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Golden Knights Find Their Late Frame Scoring In Edmonton

(Photo Credit: Photographer Brandon Andreasen)

Last night the Golden Knights did something they hadn’t in their previous four games, they scored in the 2nd and 3rd periods. In fact, they did it twice in each. The reigning champs may have lost but they certainly rediscovered their offense in the final 40 minutes in Edmonton.

When you look at an 82-game season, whether we win the division by one or two points, these points matter. Even when you’re not playing your best hockey, you have to bank these points. -Mark Stone

Inevitably the Golden Knights were going to bump into some scoring slumps. Until last night’s four goal flurry, the Cup champions have had trouble finding the back of the net. Previously, the local squad was averaging as little as 0.75 goals per game.

VGK’s Late Frame Follies: 11/19 – 11/27

  • 0.75 Goals Scored Per Game
  • 2.00 Goals Allowed Per Game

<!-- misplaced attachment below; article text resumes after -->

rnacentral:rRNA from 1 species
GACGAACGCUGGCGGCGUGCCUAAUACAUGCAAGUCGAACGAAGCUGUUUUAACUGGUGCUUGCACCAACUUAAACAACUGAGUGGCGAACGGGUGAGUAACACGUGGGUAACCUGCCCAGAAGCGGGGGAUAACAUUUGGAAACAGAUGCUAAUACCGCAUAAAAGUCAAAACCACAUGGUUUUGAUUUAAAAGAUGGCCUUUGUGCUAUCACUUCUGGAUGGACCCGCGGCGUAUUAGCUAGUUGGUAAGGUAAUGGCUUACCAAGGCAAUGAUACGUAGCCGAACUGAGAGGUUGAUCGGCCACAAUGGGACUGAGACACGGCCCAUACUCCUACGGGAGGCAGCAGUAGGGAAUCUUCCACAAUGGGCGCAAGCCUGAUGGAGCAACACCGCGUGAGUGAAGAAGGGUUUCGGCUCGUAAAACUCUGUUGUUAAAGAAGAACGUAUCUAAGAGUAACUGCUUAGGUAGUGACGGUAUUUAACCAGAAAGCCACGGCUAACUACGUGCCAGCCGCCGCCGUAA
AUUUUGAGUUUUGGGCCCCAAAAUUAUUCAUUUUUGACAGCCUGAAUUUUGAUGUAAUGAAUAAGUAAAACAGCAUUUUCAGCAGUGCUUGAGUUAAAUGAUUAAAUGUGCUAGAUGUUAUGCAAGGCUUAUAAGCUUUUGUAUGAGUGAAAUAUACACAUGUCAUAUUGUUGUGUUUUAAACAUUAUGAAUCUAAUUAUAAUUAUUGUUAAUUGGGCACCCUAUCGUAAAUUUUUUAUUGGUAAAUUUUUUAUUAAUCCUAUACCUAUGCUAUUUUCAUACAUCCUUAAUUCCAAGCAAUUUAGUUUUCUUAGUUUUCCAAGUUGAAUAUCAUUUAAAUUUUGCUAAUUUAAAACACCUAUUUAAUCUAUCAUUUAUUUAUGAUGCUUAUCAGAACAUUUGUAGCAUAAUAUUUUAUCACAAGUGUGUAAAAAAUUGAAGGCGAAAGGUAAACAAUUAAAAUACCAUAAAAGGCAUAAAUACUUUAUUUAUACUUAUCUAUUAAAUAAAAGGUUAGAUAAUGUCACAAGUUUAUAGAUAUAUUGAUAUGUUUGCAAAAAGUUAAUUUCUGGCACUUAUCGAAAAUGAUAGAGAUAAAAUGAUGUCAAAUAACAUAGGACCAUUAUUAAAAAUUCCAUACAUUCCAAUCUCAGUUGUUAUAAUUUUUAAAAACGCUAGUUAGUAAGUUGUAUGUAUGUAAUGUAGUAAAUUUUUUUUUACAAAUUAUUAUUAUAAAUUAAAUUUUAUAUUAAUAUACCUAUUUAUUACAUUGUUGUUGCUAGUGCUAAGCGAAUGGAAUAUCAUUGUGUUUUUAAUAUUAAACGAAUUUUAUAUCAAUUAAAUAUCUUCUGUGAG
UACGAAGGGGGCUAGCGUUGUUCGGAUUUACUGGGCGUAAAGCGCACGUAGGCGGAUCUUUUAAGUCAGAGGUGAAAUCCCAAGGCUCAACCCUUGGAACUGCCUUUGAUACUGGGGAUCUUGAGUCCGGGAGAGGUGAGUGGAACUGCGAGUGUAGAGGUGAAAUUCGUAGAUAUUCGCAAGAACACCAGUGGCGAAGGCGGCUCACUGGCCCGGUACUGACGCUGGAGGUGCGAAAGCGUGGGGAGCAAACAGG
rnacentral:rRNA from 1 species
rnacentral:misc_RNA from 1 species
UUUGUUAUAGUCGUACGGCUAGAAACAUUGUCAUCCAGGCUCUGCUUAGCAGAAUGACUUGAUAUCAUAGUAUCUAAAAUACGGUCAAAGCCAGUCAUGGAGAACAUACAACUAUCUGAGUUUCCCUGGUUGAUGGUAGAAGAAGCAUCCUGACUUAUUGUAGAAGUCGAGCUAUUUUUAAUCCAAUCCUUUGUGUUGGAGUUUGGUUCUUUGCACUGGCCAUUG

• (1-2-1) .375 Points %
  • 2 First Period Goals
  • 0 Second Period Goals
  • 0 Third Period Goals

Some have mentioned the lack of scoring in the opening 20 minutes. The Golden Knights are 22nd in the NHL in 1st period scoring, whereas they rank sixth with 25 middle frame goals. Since November 8th, Vegas has been below average in middle-20 scoring. Even worse, they’re 21st in 3rd period tallies. Up until last night, late game scoring this month has cost the Golden Knights attainable points in the standings.

However, after a 11-0-1 start coach Bruce Cassidy can live with a late autumn scoring slumber.

How we tied it was exciting for me because it was our third and fourth line that went out and scored the goals that we need to start scoring. It can’t always be your top guys. That’s why it feels like no matter who won the shootout, we still feel pretty good about leaving here. -Bruce Cassidy

For whatever reason, when offenses go belly-up the timing of the drought always seems to stand out. The two 2nd period goals Vegas scored put them in a position to force overtime and pick up a point. Most likely the reigning champions will find consistent success in all three periods like they did throughout October. More matchups with Edmonton will help with that.

This might be far fetched but there’s a strong chance Vegas would have won in regulation last night had they scored one more 2nd period goal. Time and time we’ve seen it happen, the Golden Knights are built to overcome a deficit whereas the Oilers are built for late game meltdowns.

Odds Have Changed Around The Pacific But Not For Vegas At Quarter Pole

(Photo Credit: Photographer Brandon Andreasen)